When to use a method?

Since I just got started with Rust, I would like to know when and why more experienced programmers use a method instead of defining a function taking the struct as a parameter . Because most of my experience is in functional programming languages I usually tend to favor the latter, but after checking various projects it seems the former is more commonly used.

The Rust book states:

The main benefit of using methods instead of functions, in addition to using method syntax and not having to repeat the type of self in every method’s signature, is for organization. We’ve put all the things we can do with an instance of a type in one impl block rather than making future users of our code search for capabilities of Rectangle in various places in the library we provide.

Couldn't this same main benefit be obtained by simply using the namespace provided by a module?

From my experience with other multi-paradigm languages, I would use the method mainly when:

  • I need type-based polymorphism
  • I have a stateful entity which state I would like to encapsulate and mutate only via public methods
  • There is a very strong relationship between the data and the behavior, for example when the data represents an object (let's say a car) which could perform some actions (drive, stop, etc.).

However, from what I've seen so far it seems that a function needing a struct is enough to justify implementing it as a method of such struct. This leads often to structs containing a single method, which some consider an awkward design in other languages. **Is this not the case in Rust?

A method is a function taking the struct as a parameter, the struct is just included as the first parameter and marked as a special self parameter. This enables the use of method call syntax, where the method can be inferred from the type of the first argument. This means you can write
x.foo(y) instead of Type::foo(x, y), which has the advantage that it requires less type annotation and allows for easy chaining of methods (such as x.foo(y).bar()). There is nothing to stop you using the more explicit form, but having the option of using method call syntax is usually good.

Firstly, while the fact that a method is attached to a type is helpful for organisation, but this isn't unique to methods. By adding a function in an impl block but not including a self parameter, you can create an associated function that belongs to the type but can't be called with method call syntax, so you must always call it as Type::foo(x). The main use case for associated functions is for functions that construct a type, such as Type::new().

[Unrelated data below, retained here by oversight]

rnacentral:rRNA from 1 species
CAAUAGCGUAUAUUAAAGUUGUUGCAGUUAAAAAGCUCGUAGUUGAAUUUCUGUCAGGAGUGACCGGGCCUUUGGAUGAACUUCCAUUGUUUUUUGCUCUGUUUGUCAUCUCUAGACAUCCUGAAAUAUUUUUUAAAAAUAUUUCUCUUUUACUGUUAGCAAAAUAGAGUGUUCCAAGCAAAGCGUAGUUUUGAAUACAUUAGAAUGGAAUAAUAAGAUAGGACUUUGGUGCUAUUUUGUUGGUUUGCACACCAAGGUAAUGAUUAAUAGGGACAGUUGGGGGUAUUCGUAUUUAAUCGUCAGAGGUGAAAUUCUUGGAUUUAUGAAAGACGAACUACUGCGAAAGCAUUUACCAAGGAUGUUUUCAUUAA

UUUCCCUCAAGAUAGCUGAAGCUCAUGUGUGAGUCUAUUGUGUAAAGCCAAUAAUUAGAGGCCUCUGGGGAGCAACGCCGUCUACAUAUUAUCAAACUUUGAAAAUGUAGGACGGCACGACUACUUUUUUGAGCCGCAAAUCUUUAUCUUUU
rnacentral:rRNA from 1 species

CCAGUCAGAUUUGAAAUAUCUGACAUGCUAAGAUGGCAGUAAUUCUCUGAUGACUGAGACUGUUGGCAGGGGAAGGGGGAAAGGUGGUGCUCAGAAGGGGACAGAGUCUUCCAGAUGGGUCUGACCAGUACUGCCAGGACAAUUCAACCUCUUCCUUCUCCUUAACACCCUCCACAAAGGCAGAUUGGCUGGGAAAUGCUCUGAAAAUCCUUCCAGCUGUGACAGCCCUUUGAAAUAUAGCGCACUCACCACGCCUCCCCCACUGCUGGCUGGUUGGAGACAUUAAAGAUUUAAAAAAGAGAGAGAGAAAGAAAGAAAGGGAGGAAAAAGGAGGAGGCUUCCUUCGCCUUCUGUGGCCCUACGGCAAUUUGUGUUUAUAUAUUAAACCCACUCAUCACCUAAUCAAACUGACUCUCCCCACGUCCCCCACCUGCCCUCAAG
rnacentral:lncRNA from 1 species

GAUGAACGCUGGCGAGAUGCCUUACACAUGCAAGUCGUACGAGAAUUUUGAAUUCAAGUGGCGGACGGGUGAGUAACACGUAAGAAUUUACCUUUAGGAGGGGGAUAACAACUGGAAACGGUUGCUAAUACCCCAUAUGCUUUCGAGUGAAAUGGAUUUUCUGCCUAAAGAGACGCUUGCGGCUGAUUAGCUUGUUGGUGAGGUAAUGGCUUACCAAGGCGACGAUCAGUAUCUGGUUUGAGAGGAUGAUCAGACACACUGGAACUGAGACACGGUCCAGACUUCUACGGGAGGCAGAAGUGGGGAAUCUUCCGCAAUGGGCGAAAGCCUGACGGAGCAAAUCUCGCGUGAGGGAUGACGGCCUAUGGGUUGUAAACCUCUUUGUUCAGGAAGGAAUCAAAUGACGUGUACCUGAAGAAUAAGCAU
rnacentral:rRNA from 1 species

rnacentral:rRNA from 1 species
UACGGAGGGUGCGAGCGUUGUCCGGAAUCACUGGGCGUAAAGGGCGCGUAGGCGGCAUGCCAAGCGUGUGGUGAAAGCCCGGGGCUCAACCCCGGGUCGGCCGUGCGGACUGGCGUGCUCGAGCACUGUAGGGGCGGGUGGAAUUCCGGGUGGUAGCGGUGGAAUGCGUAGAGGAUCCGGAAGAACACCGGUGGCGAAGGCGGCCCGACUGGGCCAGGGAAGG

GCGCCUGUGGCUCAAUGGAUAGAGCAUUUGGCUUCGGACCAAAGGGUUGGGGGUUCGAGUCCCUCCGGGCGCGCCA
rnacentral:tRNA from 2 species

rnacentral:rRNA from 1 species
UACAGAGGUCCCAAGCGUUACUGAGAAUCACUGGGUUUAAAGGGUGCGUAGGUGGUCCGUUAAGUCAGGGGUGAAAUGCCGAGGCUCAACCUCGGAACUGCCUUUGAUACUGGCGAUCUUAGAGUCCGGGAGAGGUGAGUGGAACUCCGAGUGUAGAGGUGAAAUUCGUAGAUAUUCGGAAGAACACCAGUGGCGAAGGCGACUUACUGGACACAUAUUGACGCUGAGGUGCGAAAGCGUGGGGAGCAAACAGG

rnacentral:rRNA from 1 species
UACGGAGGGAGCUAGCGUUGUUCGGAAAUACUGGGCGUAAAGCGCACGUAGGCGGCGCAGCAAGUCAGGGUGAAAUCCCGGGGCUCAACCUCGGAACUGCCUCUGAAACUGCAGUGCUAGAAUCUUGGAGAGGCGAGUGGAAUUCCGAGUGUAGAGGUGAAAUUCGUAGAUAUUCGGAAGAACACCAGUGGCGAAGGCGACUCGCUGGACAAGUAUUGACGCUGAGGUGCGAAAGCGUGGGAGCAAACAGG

The reason why you would do this at the level of types and not modules is that a module may contain multiple types, which may have methods of the same name. For example, in the standard library there is std::vec::Vec::as_slice() and std::vec::IntoIter::as_slice(). These methods do similar things on two very closely related but different types, so it makes sense for the types to be in the same module and have a method of the same name. Only defining the method on the type allows for them to be disambiguated easily.

Type-based polymorphism is provided by the traits in Rust, either by bounding a generic by a trait for static dispatch (fn<T : Trait> foo(x : T)), or creating a trait object for dynamic dispatch (Box<dyn Trait>). Traits have associated functions and methods attached to them because traits are attached to types, so any function that comes from implementing a trait is a method or associated function. This is separate from methods and associated functions defined directly on a type, which don't yield polymorphism because there is nothing to abstract over.

In Rust encapsulation happens at the level of modules rather than types, so this isn't necessarily a reason to define a function as a method. However, methods disambiguate where two types have the same method and one needs access to the others private fields, as with the as_slice() example above.

I think this last reason is mainly why methods are used in Rust, but I would say it is best viewed as a method doing something to a type or providing a certain view of a type, rather than the type doing something. The idea is to have methods attached to a type because they operate specifically on that type and because you don't want to have to specify the type or module when that is clear from the type of the value being passed in. I'm not sure what examples of types with a single method you have found, and whether it is good design or not would really depend on the individual case. There are plenty of examples of functions outside of types where it wouldn't make sense for them to be attached to a type, or where the name is unlikely to clash with anything else and it would be better attached to the module.


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